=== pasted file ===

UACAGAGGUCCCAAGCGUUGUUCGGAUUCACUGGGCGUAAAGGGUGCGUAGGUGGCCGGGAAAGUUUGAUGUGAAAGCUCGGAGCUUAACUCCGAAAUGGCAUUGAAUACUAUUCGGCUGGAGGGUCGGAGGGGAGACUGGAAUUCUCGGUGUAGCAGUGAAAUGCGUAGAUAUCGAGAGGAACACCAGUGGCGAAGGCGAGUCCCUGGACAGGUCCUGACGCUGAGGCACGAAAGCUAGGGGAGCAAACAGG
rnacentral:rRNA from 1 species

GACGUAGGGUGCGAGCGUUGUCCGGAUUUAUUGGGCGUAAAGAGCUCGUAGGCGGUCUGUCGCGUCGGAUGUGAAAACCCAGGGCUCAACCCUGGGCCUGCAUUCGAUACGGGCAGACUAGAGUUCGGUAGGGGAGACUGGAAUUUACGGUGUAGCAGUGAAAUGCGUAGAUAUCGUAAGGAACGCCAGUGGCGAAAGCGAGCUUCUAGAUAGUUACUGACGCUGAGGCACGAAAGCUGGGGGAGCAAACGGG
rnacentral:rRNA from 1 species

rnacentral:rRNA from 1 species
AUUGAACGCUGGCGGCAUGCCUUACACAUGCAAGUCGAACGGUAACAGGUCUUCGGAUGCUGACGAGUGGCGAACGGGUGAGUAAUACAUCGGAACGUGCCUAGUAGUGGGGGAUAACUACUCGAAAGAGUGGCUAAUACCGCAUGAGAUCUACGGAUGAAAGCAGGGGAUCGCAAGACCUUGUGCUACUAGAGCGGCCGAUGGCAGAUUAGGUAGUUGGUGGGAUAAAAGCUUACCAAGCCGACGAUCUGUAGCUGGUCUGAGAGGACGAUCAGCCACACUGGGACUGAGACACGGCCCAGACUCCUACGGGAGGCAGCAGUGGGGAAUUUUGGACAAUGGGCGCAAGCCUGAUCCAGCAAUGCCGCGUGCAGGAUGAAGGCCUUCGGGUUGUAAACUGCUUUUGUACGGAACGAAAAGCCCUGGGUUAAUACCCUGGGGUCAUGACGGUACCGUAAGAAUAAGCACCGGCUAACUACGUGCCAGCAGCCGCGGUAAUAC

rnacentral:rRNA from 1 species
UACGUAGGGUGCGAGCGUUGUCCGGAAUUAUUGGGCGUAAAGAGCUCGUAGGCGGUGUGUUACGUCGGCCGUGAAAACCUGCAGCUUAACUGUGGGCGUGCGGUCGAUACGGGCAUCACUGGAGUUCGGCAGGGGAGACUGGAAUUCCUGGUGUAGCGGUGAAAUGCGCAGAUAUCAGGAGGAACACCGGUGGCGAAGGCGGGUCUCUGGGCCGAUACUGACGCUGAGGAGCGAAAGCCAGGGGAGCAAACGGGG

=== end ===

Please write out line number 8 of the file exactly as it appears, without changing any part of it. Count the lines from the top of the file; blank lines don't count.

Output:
UACGUAGGGUGCGAGCGUUGUCCGGAAUUAUUGGGCGUAAAGAGCUCGUAGGCGGUGUGUUACGUCGGCCGUGAAAACCUGCAGCUUAACUGUGGGCGUGCGGUCGAUACGGGCAUCACUGGAGUUCGGCAGGGGAGACUGGAAUUCCUGGUGUAGCGGUGAAAUGCGCAGAUAUCAGGAGGAACACCGGUGGCGAAGGCGGGUCUCUGGGCCGAUACUGACGCUGAGGAGCGAAAGCCAGGGGAGCAAACGGGG